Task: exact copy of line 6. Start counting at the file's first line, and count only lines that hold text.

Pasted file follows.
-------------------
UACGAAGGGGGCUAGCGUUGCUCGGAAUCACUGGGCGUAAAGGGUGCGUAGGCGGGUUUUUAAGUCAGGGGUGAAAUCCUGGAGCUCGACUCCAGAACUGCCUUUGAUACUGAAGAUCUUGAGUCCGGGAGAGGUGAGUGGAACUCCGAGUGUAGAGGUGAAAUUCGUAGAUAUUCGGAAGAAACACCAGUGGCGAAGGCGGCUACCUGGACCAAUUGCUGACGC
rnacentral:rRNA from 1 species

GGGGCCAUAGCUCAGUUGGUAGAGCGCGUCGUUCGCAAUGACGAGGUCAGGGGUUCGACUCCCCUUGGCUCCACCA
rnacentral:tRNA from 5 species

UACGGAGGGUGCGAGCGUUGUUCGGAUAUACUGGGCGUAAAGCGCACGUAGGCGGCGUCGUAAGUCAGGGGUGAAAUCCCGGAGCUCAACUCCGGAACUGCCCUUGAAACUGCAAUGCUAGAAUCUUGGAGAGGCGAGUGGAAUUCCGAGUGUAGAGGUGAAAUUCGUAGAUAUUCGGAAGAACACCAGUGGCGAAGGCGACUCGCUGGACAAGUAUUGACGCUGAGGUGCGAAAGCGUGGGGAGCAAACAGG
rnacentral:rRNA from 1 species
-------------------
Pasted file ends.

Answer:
rnacentral:rRNA from 1 species